Getting to Green

Getting to Green

An administrator pushes, on a shoestring budget, to move his university and the world toward a more sustainable equilibrium.

August 18, 2008 - 4:19pm
Higher education is all about information -- parsing it, passing judgment on it, and passing it on. Sustainability work is largely about keeping up with information -- with a problem complex enough to encompass the atmosphere, the biosphere, and the socio-sphere, new knowledge emerges daily and anyone's understanding is always incomplete. If you have to combine the two (as any university sustainability administrator must), a high tolerance for complexity is critical. Unfortunately, this same tolerance for complexity can lead us to over-think and over-explain.
August 14, 2008 - 10:08pm
Part of my job at Greenback U is to go around to other departments on campus and update them on the University's latest sustainability efforts. A portion of any update is often context setting -- sharing with folks why what we're doing improves sustainability, and pointing out some of the steps other universities have taken or new technologies now or soon to be available. Sure, we have a website, and send out an electronic newsletter, but there's nothing like face-to-face communication when you're trying to help people form an impression or an understanding.
August 13, 2008 - 8:03am
Living on a farm, I don't travel all that much. The place doesn't take care of itself, and the schedule of chores isn't real flexible -- certainly not to the extent of a day or more. Still, my duties at Greenback do take me on the road (at least figuratively) from time to time. More often, these days, that "road" has rails.
August 9, 2008 - 12:42pm
Thursday morning, on my way in to campus, I was listening to NPR. One of the items was an interview with consultant Howard Davidowitz, about the current state of the retail industry. No real surprises -- automobile and restaurant sales are down, off-price sales are strong, Wal-Mart is doing just fine, thank you. What struck my ear was Davidowitz's closing comment that the US standard of living was headed south for several years, at least. He said that like it was a bad thing.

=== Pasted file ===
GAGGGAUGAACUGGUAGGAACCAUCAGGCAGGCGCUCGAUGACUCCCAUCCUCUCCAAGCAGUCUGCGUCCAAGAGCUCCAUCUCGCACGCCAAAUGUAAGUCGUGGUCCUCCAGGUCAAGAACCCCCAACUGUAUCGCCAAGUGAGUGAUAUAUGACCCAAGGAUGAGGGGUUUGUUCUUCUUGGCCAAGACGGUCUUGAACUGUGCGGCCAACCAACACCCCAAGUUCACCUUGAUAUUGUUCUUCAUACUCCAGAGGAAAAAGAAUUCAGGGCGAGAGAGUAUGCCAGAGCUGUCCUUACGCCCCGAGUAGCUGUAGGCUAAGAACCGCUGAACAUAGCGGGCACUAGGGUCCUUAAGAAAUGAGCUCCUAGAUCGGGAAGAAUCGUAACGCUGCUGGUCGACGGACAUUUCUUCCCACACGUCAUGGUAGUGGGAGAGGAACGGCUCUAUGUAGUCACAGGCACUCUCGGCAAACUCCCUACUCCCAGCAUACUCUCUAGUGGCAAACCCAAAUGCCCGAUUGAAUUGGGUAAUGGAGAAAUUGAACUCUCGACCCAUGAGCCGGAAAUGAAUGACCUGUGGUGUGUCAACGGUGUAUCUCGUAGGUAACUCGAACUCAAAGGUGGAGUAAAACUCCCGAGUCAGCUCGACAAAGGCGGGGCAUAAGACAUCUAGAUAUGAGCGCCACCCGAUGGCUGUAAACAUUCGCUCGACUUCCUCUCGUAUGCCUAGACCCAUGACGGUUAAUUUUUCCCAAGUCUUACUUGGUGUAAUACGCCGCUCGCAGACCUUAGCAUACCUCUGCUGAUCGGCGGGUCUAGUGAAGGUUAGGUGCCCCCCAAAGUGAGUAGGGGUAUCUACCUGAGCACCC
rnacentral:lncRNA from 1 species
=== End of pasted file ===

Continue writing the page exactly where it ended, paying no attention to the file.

August 7, 2008 - 9:24am
Greenback U. wants to get sustainable. So we've got a Sustainability Committee. They're supposed to come up with a Sustainability Policy. I guess they're committed to coming up with the policy -- after all, that's what "committee" means, right? That which (or who) is committed. If so, it doesn't show. The committee's been in place for over a year, with nary a policy (much less anything substantial) to show for it. They meet irregularly, they don't publish minutes, and attendance is hit-or-miss. If those are signs of commitment, I must be Queen of the May.
August 5, 2008 - 10:20am
First the good news. I've mentioned before that one of the main challenges in making renewable energy, particularly wind- and solar-powered generation, mainstream is the lack of a good electrical storage solution. A "better battery". Otherwise, it's hard to keep the computer running on dark, windless nights.
August 1, 2008 - 4:04pm
Reporter Jack Stripling has an article on green computing in today's edition. I don't know Jack. It's a pretty good article (not that I'm any judge). One minor nit, though, and a couple of things to add.
July 30, 2008 - 7:34pm
Yesterday, the 2009 edition of Princeton Review's 368 Best Colleges became available. For the first time, a major college guide includes "green scores" -- ratings on campus sustainability. The minimum score is a 60, the maximum a 99. (Schools which didn't respond to the Review's survey get a starred 60.)
July 29, 2008 - 1:20pm
When it comes time to create a campus sustainability plan, I'm not expecting to be able to limit my thinking to campus. It's not realistic to envision a sustainable campus amidst an unsustainable community, or an unsustainable region. (I had thought of titling this "no campus is an island", but there's currently an "X Files" movie in the theaters, and I don't think Hollywood's planning a remake of "For Whom the Bell Tolls" anytime soon. Want to stay culturally relevant, and all that.)
July 25, 2008 - 10:38am
I don't think this falls into the category of "reflection", but one thing strikes me as a result of information gathered at SCUP-43. California is requiring LEED Silver for all commercial buildings over 10,000 square feet. That's $3-5 million, depending. Harvard is at the point where it basically gets LEED Gold at no incremental up-front cost. Both LEED Silver and LEED Gold have proven to more than pay for themselves in energy savings.

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